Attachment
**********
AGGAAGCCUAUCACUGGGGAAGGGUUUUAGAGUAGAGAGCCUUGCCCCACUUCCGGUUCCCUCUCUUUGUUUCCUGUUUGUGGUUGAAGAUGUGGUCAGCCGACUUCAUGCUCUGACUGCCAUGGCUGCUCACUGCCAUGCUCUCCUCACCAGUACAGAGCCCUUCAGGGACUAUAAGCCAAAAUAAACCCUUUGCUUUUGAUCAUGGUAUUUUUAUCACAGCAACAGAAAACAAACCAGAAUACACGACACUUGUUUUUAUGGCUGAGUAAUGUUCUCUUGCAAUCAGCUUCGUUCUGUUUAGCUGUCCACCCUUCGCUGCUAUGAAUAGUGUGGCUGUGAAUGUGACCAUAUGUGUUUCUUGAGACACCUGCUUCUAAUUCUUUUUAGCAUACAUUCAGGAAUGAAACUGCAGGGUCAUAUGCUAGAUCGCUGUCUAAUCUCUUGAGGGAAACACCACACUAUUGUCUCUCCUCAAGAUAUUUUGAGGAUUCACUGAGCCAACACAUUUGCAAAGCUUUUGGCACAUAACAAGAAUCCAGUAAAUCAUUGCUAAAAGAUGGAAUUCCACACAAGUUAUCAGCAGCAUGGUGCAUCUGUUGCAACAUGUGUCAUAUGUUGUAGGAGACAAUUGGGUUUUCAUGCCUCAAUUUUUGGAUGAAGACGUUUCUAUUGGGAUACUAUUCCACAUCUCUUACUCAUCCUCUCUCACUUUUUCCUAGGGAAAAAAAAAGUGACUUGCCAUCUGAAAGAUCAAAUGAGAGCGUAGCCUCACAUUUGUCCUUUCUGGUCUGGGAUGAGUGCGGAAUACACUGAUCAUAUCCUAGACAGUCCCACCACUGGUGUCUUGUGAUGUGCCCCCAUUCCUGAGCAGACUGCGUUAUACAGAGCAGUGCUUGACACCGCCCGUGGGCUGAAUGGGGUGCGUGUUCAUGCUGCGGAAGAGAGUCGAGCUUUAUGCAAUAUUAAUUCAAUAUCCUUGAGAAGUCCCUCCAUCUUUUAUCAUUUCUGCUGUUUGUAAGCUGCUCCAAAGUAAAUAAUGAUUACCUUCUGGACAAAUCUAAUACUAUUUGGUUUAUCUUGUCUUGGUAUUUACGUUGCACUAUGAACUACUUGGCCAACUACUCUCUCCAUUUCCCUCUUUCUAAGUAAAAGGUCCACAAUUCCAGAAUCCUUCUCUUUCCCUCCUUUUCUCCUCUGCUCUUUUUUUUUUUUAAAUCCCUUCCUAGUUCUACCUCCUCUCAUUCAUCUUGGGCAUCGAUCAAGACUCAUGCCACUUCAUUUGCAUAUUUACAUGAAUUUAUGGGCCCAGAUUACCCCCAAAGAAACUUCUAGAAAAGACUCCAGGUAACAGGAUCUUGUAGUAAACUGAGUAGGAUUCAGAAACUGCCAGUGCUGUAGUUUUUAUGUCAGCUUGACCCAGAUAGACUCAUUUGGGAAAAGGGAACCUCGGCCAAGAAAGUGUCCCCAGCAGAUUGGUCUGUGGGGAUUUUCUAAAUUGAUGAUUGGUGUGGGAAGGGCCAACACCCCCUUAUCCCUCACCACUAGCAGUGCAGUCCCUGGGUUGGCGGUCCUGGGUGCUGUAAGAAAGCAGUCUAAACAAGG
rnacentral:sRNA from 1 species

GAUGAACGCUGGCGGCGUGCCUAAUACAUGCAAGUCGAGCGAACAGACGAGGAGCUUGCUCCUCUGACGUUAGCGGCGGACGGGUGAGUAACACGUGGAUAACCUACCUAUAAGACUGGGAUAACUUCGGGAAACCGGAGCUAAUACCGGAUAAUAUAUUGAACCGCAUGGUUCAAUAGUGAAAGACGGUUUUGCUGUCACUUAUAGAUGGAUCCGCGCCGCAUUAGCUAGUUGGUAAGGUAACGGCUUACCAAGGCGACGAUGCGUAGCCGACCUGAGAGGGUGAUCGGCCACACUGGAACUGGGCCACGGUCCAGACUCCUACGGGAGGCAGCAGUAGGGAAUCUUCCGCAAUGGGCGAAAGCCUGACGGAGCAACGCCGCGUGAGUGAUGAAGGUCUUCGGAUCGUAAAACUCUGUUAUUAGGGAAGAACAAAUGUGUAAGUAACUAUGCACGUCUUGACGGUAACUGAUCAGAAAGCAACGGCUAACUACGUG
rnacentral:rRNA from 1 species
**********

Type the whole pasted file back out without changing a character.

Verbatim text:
AGGAAGCCUAUCACUGGGGAAGGGUUUUAGAGUAGAGAGCCUUGCCCCACUUCCGGUUCCCUCUCUUUGUUUCCUGUUUGUGGUUGAAGAUGUGGUCAGCCGACUUCAUGCUCUGACUGCCAUGGCUGCUCACUGCCAUGCUCUCCUCACCAGUACAGAGCCCUUCAGGGACUAUAAGCCAAAAUAAACCCUUUGCUUUUGAUCAUGGUAUUUUUAUCACAGCAACAGAAAACAAACCAGAAUACACGACACUUGUUUUUAUGGCUGAGUAAUGUUCUCUUGCAAUCAGCUUCGUUCUGUUUAGCUGUCCACCCUUCGCUGCUAUGAAUAGUGUGGCUGUGAAUGUGACCAUAUGUGUUUCUUGAGACACCUGCUUCUAAUUCUUUUUAGCAUACAUUCAGGAAUGAAACUGCAGGGUCAUAUGCUAGAUCGCUGUCUAAUCUCUUGAGGGAAACACCACACUAUUGUCUCUCCUCAAGAUAUUUUGAGGAUUCACUGAGCCAACACAUUUGCAAAGCUUUUGGCACAUAACAAGAAUCCAGUAAAUCAUUGCUAAAAGAUGGAAUUCCACACAAGUUAUCAGCAGCAUGGUGCAUCUGUUGCAACAUGUGUCAUAUGUUGUAGGAGACAAUUGGGUUUUCAUGCCUCAAUUUUUGGAUGAAGACGUUUCUAUUGGGAUACUAUUCCACAUCUCUUACUCAUCCUCUCUCACUUUUUCCUAGGGAAAAAAAAAGUGACUUGCCAUCUGAAAGAUCAAAUGAGAGCGUAGCCUCACAUUUGUCCUUUCUGGUCUGGGAUGAGUGCGGAAUACACUGAUCAUAUCCUAGACAGUCCCACCACUGGUGUCUUGUGAUGUGCCCCCAUUCCUGAGCAGACUGCGUUAUACAGAGCAGUGCUUGACACCGCCCGUGGGCUGAAUGGGGUGCGUGUUCAUGCUGCGGAAGAGAGUCGAGCUUUAUGCAAUAUUAAUUCAAUAUCCUUGAGAAGUCCCUCCAUCUUUUAUCAUUUCUGCUGUUUGUAAGCUGCUCCAAAGUAAAUAAUGAUUACCUUCUGGACAAAUCUAAUACUAUUUGGUUUAUCUUGUCUUGGUAUUUACGUUGCACUAUGAACUACUUGGCCAACUACUCUCUCCAUUUCCCUCUUUCUAAGUAAAAGGUCCACAAUUCCAGAAUCCUUCUCUUUCCCUCCUUUUCUCCUCUGCUCUUUUUUUUUUUUAAAUCCCUUCCUAGUUCUACCUCCUCUCAUUCAUCUUGGGCAUCGAUCAAGACUCAUGCCACUUCAUUUGCAUAUUUACAUGAAUUUAUGGGCCCAGAUUACCCCCAAAGAAACUUCUAGAAAAGACUCCAGGUAACAGGAUCUUGUAGUAAACUGAGUAGGAUUCAGAAACUGCCAGUGCUGUAGUUUUUAUGUCAGCUUGACCCAGAUAGACUCAUUUGGGAAAAGGGAACCUCGGCCAAGAAAGUGUCCCCAGCAGAUUGGUCUGUGGGGAUUUUCUAAAUUGAUGAUUGGUGUGGGAAGGGCCAACACCCCCUUAUCCCUCACCACUAGCAGUGCAGUCCCUGGGUUGGCGGUCCUGGGUGCUGUAAGAAAGCAGUCUAAACAAGG
rnacentral:sRNA from 1 species

GAUGAACGCUGGCGGCGUGCCUAAUACAUGCAAGUCGAGCGAACAGACGAGGAGCUUGCUCCUCUGACGUUAGCGGCGGACGGGUGAGUAACACGUGGAUAACCUACCUAUAAGACUGGGAUAACUUCGGGAAACCGGAGCUAAUACCGGAUAAUAUAUUGAACCGCAUGGUUCAAUAGUGAAAGACGGUUUUGCUGUCACUUAUAGAUGGAUCCGCGCCGCAUUAGCUAGUUGGUAAGGUAACGGCUUACCAAGGCGACGAUGCGUAGCCGACCUGAGAGGGUGAUCGGCCACACUGGAACUGGGCCACGGUCCAGACUCCUACGGGAGGCAGCAGUAGGGAAUCUUCCGCAAUGGGCGAAAGCCUGACGGAGCAACGCCGCGUGAGUGAUGAAGGUCUUCGGAUCGUAAAACUCUGUUAUUAGGGAAGAACAAAUGUGUAAGUAACUAUGCACGUCUUGACGGUAACUGAUCAGAAAGCAACGGCUAACUACGUG
rnacentral:rRNA from 1 species